Most students and their parents often rethink the choices that they have made. It’s normal human behaviour. However post decision, or months after, the decision may seem flawed and you end up second guessing it, thinking of finding the quick exit and transferring out. The reality is that the decision was the right one at the moment you made it, it could be due to the financial circumstances that were on the table or any other factor that made you choose Pitt over BC. They are both great schools; ignore the rankings. The question on transferring next year is something you should only consider then… i.e. giving your daughter the chance to settle in and find out how she fits into the new environment and if she finds the school challenging enough. She may not want to consider a transfer having found a great community to be in. You will see the outcome in any case. If she is socially not fitting in then yes consider the transfer next year however if she is struggling on top with the academics then I would rethink transferring unless you want to go for an academically less intensive school.

    I feel you made the right decision for you all. If money was a consideration then yes, putting the additional money for a post grad education is the right choice, they are by no means cheap.

    All schools have great things about them. Let her find those and be happy with your decision.

  6. My daughter will be a sophomore nursing student at PITT this fall. She got into many schools that are ranked higher than Pitt, such as Boston College, Michigan, Emory, Wisconsin, etc. We are from CA and applied to the top 20 BSN nursing programs in the country. It came down to PITT and Michigan. Even though MI is ranked 5th or 6th in nursing and PITT is 7th, we looked at quality of life also. MI requires that even Freshman nursing student have a car available and can be asked to drive up to a few hours away for clinicals. MI also was bussing freshman from dorms a few miles away to campus during renovations. PITT has 7 hospitals on campus and a few others 2-3 miles away with free bus service for all students. My daughter is in the Honors College, has a merit award, and a guarantee to grad school at PITT. We made the right choice. PITT wanted her badly, and they got her. She is in a sorority and has made a ton of great buds. She loves PITT. You made a great choice. Stick with it and Hail to PITT!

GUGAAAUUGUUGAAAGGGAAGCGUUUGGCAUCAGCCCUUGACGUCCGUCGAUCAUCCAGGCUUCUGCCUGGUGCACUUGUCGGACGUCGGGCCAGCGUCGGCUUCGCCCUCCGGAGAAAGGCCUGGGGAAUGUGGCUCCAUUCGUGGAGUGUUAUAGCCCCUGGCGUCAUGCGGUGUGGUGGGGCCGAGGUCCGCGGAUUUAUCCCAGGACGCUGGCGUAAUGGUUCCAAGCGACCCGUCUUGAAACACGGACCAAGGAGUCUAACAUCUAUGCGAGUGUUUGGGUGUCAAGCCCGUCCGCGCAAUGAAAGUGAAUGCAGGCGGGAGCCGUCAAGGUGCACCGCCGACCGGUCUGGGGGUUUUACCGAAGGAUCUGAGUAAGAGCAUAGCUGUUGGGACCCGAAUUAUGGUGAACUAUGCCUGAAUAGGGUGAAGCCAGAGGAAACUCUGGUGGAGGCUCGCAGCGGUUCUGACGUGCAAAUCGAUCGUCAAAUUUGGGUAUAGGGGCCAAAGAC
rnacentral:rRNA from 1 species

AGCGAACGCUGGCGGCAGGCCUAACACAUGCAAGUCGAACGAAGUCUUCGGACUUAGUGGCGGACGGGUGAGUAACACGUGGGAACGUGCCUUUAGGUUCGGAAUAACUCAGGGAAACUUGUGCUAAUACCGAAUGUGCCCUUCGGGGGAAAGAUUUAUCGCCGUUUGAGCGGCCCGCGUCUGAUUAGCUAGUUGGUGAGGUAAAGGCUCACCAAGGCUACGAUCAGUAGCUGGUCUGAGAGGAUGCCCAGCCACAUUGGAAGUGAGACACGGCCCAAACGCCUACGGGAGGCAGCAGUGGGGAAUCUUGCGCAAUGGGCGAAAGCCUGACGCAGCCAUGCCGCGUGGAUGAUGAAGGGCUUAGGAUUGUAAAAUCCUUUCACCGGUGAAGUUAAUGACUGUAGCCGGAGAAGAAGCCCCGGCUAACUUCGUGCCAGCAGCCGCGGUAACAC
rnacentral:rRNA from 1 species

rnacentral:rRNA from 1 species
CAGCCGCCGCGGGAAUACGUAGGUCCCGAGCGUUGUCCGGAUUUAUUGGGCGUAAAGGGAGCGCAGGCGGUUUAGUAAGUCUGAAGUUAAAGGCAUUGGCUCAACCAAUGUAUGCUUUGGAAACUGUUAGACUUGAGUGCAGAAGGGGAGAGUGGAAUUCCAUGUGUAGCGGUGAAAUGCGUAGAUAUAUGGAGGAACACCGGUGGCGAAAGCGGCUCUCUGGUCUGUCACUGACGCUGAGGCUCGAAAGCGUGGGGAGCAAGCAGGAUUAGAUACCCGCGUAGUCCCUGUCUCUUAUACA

1. My daughter has also been involved in the Undergraduate Research Mentor Program which includes a paid position doing research for a professor.

    2. Lisa- when do they tell us about the amount of merit award? My son was accepted in August for the 2015 term into the Swanson school of Engineering and Honors college.

      1. Shirley
        my son also was accepted in November 2014 for the fall 2015 term into the Swanson school of Engineering and Honors college. He was very fortunate to received a letter from Pitt Honors College given him some merit scholarship on the first week of December
        I hope you get one very soon
        He want’s to be a Industrial Engineer
        We will be going to visit Pitt next week I hope my son like Pitt
        thanks Marcus

  7. Dont over think this. You made a good choice amd will make yourself crazy second guessing yourself. There’s no guarantee that she would be accepted as a transfer student next year. I was at BC last week and the Admissions repmsaid that last year the Business school took in no transfer students.